He chuckled. “Ooo…getting cocky there, eh, Gwenie?”
“Not as cocky as you…” Sticking out her bottom, she bent over and spoke in a teasing tone, “Ice prick.” Morgan hated that nickname, and her smile grew when she saw she set him off.
There was a playful shock in his eyes, Morgan’s eyebrows rising. “Aww…someone’s getting their ass beat now.”
“So, how do we settle this?” She crossed her arms too, a wicked grin on her lips.
“You think you can skate better than me?”
“Then, let’s race.” He gestured to their section of the ice. “First one to finish, wins.”
“A simple race is stupid.” Gwen made a sour face. “It doesn’t settle anything.”
“Let’s make it harder, then.” He pointed to the entrance. “Because you’ll lose a race against me…” His grin grew when he saw her glare get hotter. “I’ll add a handicap on my end.”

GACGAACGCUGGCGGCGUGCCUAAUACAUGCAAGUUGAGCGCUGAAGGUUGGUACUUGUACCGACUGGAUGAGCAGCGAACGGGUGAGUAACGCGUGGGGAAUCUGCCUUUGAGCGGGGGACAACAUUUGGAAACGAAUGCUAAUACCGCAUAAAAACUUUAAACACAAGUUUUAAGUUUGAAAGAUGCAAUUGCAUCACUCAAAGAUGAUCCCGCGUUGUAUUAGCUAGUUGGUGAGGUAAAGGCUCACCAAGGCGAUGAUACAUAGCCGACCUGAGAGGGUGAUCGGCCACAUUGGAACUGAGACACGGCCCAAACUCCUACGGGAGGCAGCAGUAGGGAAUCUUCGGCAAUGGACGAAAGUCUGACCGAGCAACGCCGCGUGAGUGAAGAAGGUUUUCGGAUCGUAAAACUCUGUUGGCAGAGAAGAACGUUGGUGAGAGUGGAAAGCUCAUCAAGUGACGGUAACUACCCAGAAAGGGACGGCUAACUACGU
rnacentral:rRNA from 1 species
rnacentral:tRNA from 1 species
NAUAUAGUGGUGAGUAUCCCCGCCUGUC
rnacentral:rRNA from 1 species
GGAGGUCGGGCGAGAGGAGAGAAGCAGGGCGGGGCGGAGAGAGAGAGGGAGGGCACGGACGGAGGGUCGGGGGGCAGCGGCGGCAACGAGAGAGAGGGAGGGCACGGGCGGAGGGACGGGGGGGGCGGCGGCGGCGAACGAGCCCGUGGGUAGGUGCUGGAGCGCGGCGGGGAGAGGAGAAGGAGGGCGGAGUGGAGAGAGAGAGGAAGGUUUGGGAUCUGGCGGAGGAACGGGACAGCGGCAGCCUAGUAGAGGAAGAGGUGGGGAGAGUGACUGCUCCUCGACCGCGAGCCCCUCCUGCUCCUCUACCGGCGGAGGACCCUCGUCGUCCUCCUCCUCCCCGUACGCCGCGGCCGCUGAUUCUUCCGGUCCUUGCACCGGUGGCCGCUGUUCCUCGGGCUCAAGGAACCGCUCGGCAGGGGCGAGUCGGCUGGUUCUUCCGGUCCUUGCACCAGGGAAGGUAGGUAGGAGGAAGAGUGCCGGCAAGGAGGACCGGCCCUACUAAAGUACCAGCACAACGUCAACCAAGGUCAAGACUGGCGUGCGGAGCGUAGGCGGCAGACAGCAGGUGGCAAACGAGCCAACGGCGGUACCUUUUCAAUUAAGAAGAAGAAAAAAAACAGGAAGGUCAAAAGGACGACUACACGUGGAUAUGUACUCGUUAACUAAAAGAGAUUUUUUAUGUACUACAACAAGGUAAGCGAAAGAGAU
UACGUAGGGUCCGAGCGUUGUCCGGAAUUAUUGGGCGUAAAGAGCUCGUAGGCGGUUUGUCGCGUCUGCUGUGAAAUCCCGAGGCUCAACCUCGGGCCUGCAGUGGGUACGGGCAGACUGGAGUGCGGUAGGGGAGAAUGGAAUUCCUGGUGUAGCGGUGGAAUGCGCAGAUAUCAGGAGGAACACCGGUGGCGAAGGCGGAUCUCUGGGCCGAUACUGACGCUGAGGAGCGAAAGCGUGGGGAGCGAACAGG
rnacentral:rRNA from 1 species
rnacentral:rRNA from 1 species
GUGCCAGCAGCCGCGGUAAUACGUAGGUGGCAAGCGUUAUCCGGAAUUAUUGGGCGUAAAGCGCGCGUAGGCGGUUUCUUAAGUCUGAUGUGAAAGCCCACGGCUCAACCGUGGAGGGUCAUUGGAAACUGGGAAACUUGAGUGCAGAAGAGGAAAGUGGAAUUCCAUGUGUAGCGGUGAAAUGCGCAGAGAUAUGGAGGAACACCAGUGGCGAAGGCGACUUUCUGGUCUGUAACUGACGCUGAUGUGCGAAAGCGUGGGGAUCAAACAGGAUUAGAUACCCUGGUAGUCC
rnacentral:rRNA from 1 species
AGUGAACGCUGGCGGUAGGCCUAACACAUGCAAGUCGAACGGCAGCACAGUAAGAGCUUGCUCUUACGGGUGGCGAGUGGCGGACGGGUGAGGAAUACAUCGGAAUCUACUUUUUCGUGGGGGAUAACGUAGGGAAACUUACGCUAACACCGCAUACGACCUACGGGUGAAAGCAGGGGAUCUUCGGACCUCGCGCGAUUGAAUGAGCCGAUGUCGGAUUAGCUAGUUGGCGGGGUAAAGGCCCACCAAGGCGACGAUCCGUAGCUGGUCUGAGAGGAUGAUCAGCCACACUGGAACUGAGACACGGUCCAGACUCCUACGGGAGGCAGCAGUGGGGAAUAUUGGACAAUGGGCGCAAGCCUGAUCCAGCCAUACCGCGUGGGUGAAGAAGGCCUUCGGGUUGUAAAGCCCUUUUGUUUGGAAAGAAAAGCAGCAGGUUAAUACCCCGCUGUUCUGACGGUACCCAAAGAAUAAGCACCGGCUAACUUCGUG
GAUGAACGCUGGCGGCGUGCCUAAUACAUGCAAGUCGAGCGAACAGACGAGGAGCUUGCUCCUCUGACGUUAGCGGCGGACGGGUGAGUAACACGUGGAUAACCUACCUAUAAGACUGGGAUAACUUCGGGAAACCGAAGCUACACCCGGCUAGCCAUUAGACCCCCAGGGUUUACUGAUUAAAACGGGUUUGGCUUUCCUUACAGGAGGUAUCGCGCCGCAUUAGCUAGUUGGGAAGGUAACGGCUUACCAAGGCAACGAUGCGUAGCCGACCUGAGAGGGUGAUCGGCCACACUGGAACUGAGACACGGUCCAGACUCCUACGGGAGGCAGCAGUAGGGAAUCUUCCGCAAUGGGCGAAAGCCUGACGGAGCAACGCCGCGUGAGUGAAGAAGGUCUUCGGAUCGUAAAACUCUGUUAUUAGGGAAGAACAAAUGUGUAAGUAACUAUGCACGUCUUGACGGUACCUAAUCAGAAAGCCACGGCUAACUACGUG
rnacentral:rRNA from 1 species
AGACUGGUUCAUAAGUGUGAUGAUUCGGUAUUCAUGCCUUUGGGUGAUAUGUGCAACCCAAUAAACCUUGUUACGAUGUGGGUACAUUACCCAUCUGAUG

“I don’t need to give you a handicap. I can skate faster than you any day.” Her lip curled as her eyes narrowed.
“You can’t.” He laughed.
“Okay. You get a handicap just for being cocky.”
He made a come-hither motion with his hands as he teased. “Bring it on, ice princess.”
“So…” She looked about and back at him. “What’re the rules?”
“I’ll set up a course…” He gestured to the ice and made a circular motion with his hand. “Here.” He turned back to her. “I’ll have to travel through the course with the puck, and all you gotta do is get to the center before me.”
“That’ll be easy.” Gwen’s expression brightened, her cheeks reddened.
“And…” He chuckled as he licked the corner of his mouth in anticipation. “I’ll even give you a stick so you can try to stop me when I get ahead of your ass.”
“So, when I win, what do I get?”
“What do you want?”
“You to admit hockey’s better than figure skating and to do my anatomy homework for a week.”